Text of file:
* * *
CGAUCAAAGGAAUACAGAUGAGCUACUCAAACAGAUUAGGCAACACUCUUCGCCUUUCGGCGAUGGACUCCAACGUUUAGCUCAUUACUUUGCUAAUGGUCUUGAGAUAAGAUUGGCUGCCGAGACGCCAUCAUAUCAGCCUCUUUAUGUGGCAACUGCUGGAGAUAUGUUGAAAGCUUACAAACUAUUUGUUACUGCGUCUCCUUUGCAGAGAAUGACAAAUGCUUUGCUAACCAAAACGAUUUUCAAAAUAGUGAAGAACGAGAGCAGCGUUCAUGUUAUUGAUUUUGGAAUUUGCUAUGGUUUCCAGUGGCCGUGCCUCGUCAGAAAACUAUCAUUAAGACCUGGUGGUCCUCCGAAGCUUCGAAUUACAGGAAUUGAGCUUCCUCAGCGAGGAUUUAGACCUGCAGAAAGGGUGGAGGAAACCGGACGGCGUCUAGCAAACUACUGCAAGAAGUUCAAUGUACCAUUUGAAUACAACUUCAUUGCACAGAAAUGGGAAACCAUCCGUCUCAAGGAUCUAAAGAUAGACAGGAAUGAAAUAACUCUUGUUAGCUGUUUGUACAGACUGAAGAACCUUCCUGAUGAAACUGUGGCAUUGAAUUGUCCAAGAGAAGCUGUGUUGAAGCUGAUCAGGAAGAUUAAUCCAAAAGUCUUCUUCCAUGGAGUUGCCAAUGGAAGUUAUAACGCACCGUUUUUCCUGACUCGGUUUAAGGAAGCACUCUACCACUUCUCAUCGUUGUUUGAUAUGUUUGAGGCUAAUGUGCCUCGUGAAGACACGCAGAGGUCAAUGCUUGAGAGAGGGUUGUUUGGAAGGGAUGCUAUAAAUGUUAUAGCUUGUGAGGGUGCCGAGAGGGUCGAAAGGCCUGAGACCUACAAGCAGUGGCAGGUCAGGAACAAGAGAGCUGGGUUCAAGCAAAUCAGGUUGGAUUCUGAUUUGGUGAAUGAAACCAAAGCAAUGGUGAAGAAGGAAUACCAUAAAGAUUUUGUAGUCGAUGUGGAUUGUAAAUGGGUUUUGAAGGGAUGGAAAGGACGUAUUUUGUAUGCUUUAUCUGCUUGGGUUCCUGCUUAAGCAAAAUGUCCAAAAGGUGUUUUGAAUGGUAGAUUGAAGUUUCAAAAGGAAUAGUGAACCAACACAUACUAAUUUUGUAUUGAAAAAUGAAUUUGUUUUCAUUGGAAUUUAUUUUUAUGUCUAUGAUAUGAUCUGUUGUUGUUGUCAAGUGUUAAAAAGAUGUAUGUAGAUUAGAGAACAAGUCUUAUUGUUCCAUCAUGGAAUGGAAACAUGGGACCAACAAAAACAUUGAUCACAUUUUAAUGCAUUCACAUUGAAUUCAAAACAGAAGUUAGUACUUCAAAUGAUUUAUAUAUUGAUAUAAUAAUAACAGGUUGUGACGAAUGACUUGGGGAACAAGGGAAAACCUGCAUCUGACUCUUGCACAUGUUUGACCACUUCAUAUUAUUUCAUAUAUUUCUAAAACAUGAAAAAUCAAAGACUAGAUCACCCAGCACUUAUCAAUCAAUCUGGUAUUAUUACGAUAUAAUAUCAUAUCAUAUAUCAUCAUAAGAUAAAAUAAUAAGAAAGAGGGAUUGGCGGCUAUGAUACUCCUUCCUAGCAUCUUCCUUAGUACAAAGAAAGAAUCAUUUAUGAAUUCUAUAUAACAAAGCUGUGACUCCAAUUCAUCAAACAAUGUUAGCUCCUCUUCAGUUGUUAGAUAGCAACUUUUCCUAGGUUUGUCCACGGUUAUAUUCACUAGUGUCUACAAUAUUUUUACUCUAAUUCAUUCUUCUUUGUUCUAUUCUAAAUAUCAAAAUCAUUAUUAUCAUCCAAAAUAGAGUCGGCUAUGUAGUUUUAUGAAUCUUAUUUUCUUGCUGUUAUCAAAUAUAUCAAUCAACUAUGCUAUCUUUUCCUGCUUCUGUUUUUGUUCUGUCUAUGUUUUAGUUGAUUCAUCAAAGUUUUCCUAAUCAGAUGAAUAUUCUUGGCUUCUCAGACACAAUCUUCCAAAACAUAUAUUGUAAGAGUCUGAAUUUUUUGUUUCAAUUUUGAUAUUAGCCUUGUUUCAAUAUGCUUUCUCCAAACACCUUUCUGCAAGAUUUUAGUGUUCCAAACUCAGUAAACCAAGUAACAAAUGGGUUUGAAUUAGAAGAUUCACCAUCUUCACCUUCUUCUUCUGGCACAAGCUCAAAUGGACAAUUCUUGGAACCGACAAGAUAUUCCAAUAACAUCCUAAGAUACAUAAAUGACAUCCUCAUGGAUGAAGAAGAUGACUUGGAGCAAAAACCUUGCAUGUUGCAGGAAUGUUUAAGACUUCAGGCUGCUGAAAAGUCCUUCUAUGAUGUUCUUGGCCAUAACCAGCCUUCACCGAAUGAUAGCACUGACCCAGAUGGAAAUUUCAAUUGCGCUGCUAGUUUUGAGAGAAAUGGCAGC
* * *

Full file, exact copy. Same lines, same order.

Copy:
CGAUCAAAGGAAUACAGAUGAGCUACUCAAACAGAUUAGGCAACACUCUUCGCCUUUCGGCGAUGGACUCCAACGUUUAGCUCAUUACUUUGCUAAUGGUCUUGAGAUAAGAUUGGCUGCCGAGACGCCAUCAUAUCAGCCUCUUUAUGUGGCAACUGCUGGAGAUAUGUUGAAAGCUUACAAACUAUUUGUUACUGCGUCUCCUUUGCAGAGAAUGACAAAUGCUUUGCUAACCAAAACGAUUUUCAAAAUAGUGAAGAACGAGAGCAGCGUUCAUGUUAUUGAUUUUGGAAUUUGCUAUGGUUUCCAGUGGCCGUGCCUCGUCAGAAAACUAUCAUUAAGACCUGGUGGUCCUCCGAAGCUUCGAAUUACAGGAAUUGAGCUUCCUCAGCGAGGAUUUAGACCUGCAGAAAGGGUGGAGGAAACCGGACGGCGUCUAGCAAACUACUGCAAGAAGUUCAAUGUACCAUUUGAAUACAACUUCAUUGCACAGAAAUGGGAAACCAUCCGUCUCAAGGAUCUAAAGAUAGACAGGAAUGAAAUAACUCUUGUUAGCUGUUUGUACAGACUGAAGAACCUUCCUGAUGAAACUGUGGCAUUGAAUUGUCCAAGAGAAGCUGUGUUGAAGCUGAUCAGGAAGAUUAAUCCAAAAGUCUUCUUCCAUGGAGUUGCCAAUGGAAGUUAUAACGCACCGUUUUUCCUGACUCGGUUUAAGGAAGCACUCUACCACUUCUCAUCGUUGUUUGAUAUGUUUGAGGCUAAUGUGCCUCGUGAAGACACGCAGAGGUCAAUGCUUGAGAGAGGGUUGUUUGGAAGGGAUGCUAUAAAUGUUAUAGCUUGUGAGGGUGCCGAGAGGGUCGAAAGGCCUGAGACCUACAAGCAGUGGCAGGUCAGGAACAAGAGAGCUGGGUUCAAGCAAAUCAGGUUGGAUUCUGAUUUGGUGAAUGAAACCAAAGCAAUGGUGAAGAAGGAAUACCAUAAAGAUUUUGUAGUCGAUGUGGAUUGUAAAUGGGUUUUGAAGGGAUGGAAAGGACGUAUUUUGUAUGCUUUAUCUGCUUGGGUUCCUGCUUAAGCAAAAUGUCCAAAAGGUGUUUUGAAUGGUAGAUUGAAGUUUCAAAAGGAAUAGUGAACCAACACAUACUAAUUUUGUAUUGAAAAAUGAAUUUGUUUUCAUUGGAAUUUAUUUUUAUGUCUAUGAUAUGAUCUGUUGUUGUUGUCAAGUGUUAAAAAGAUGUAUGUAGAUUAGAGAACAAGUCUUAUUGUUCCAUCAUGGAAUGGAAACAUGGGACCAACAAAAACAUUGAUCACAUUUUAAUGCAUUCACAUUGAAUUCAAAACAGAAGUUAGUACUUCAAAUGAUUUAUAUAUUGAUAUAAUAAUAACAGGUUGUGACGAAUGACUUGGGGAACAAGGGAAAACCUGCAUCUGACUCUUGCACAUGUUUGACCACUUCAUAUUAUUUCAUAUAUUUCUAAAACAUGAAAAAUCAAAGACUAGAUCACCCAGCACUUAUCAAUCAAUCUGGUAUUAUUACGAUAUAAUAUCAUAUCAUAUAUCAUCAUAAGAUAAAAUAAUAAGAAAGAGGGAUUGGCGGCUAUGAUACUCCUUCCUAGCAUCUUCCUUAGUACAAAGAAAGAAUCAUUUAUGAAUUCUAUAUAACAAAGCUGUGACUCCAAUUCAUCAAACAAUGUUAGCUCCUCUUCAGUUGUUAGAUAGCAACUUUUCCUAGGUUUGUCCACGGUUAUAUUCACUAGUGUCUACAAUAUUUUUACUCUAAUUCAUUCUUCUUUGUUCUAUUCUAAAUAUCAAAAUCAUUAUUAUCAUCCAAAAUAGAGUCGGCUAUGUAGUUUUAUGAAUCUUAUUUUCUUGCUGUUAUCAAAUAUAUCAAUCAACUAUGCUAUCUUUUCCUGCUUCUGUUUUUGUUCUGUCUAUGUUUUAGUUGAUUCAUCAAAGUUUUCCUAAUCAGAUGAAUAUUCUUGGCUUCUCAGACACAAUCUUCCAAAACAUAUAUUGUAAGAGUCUGAAUUUUUUGUUUCAAUUUUGAUAUUAGCCUUGUUUCAAUAUGCUUUCUCCAAACACCUUUCUGCAAGAUUUUAGUGUUCCAAACUCAGUAAACCAAGUAACAAAUGGGUUUGAAUUAGAAGAUUCACCAUCUUCACCUUCUUCUUCUGGCACAAGCUCAAAUGGACAAUUCUUGGAACCGACAAGAUAUUCCAAUAACAUCCUAAGAUACAUAAAUGACAUCCUCAUGGAUGAAGAAGAUGACUUGGAGCAAAAACCUUGCAUGUUGCAGGAAUGUUUAAGACUUCAGGCUGCUGAAAAGUCCUUCUAUGAUGUUCUUGGCCAUAACCAGCCUUCACCGAAUGAUAGCACUGACCCAGAUGGAAAUUUCAAUUGCGCUGCUAGUUUUGAGAGAAAUGGCAGC